On Monday, June 27, 2022, at 10:00 AM, The Program on Extremism at The George Washington University, in conjunction with The Elliott School of International Affairs, hosted a panel discussion on the domestic violent extremism landscape in the aftermath of the Buffalo attack. The recent deadly shooting at the Tops Supermarket in Buffalo highlighted the continuing threat of lone-actor mass violence motivated by domestic violent extremist ideologies. In the weeks following the attack, policymakers and the media have focused on the disparate online ecosystems that support and inspire far-right actors to commit acts of violence. This trend was highlighted in a recent U.S. Department of Homeland Security threat bulletin, which detailed the prevalence of domestic violent extremist and conspiracy-related content in online forums.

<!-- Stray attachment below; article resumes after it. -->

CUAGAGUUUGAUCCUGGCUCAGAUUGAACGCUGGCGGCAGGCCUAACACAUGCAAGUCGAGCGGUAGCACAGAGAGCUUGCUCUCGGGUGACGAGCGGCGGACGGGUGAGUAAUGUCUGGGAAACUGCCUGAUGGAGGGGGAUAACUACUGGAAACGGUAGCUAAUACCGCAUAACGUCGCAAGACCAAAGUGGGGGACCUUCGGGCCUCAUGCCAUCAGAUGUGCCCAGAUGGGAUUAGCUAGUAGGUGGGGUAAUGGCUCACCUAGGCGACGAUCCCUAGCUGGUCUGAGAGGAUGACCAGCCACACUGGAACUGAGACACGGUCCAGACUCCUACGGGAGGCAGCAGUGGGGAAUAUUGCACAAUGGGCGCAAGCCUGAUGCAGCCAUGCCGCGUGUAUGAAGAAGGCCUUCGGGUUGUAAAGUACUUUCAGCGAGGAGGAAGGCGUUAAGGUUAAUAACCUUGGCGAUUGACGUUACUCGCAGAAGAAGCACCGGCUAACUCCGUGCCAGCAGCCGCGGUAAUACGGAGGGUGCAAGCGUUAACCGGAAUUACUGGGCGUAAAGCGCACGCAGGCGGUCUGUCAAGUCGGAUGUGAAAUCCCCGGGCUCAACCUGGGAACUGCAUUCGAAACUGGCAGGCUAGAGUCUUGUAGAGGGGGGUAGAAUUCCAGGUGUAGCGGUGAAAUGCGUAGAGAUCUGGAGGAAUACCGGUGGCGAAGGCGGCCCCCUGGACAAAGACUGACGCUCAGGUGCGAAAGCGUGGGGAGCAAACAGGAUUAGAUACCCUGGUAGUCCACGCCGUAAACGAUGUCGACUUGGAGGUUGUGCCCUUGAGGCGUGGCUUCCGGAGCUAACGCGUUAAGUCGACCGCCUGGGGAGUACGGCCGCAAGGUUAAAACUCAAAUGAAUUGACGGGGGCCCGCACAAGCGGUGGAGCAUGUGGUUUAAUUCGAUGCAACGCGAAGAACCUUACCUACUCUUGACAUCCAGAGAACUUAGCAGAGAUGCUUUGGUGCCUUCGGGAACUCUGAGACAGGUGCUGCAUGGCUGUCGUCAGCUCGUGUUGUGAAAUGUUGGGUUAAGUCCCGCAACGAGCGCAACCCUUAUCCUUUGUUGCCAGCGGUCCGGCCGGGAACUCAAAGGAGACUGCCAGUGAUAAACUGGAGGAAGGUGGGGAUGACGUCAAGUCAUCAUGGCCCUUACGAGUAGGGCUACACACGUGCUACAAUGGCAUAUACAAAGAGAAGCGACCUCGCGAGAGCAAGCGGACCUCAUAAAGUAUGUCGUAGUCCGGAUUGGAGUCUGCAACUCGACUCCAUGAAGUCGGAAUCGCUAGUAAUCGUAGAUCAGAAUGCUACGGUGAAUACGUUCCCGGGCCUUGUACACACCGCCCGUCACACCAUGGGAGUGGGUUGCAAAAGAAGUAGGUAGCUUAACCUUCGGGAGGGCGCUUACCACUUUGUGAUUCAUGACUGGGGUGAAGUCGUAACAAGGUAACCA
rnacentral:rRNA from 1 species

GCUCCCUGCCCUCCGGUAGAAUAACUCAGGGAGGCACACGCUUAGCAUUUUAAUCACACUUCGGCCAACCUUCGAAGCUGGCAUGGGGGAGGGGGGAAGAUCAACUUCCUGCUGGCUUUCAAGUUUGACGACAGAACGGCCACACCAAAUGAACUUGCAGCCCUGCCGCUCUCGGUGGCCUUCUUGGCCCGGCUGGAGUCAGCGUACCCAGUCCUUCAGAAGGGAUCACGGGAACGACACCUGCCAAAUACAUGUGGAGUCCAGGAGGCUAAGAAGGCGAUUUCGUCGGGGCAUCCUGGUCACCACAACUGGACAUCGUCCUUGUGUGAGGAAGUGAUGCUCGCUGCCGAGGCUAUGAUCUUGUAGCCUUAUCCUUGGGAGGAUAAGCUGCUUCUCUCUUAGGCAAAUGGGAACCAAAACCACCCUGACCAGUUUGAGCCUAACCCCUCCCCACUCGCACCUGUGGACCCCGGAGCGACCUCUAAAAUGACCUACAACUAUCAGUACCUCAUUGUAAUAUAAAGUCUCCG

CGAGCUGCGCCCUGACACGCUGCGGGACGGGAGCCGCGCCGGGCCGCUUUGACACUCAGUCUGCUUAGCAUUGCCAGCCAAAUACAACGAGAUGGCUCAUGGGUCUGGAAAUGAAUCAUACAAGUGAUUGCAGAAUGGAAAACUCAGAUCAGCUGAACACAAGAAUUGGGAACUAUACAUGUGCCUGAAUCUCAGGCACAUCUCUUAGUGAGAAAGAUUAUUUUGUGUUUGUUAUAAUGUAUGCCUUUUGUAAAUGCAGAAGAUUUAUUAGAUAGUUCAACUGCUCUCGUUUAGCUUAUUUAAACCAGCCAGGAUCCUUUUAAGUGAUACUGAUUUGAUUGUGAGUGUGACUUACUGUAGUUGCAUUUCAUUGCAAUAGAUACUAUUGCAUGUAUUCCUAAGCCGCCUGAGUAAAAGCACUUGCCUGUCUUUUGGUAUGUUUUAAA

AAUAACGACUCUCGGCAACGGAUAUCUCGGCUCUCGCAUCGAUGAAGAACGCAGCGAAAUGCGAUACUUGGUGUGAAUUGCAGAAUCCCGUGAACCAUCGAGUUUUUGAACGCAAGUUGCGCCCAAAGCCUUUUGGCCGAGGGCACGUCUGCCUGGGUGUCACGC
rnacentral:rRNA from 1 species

The panel, moderated by Program Senior Resarch Fellow Bennett Clifford, included insights from:

  • Cathrine Thorleifssson, Associate Professor, C-REX (Center for Research on Extremism), University of Oslo and Head of the Norwegian Commission on Extremism
  • Chelsea Daymon, PhD candidate, Justice, Law & Criminology in the School of Public Affairs at American University and Graduate Research Fellow at the Polarization and Extremism Research and Innovation Lab (PERIL) at American University
  • Michael Jensen, Senior Researcher, National Consortium for the Study of Terrorism and Responses to Terrorism (START), University of Maryland

Threats at Home and Abroad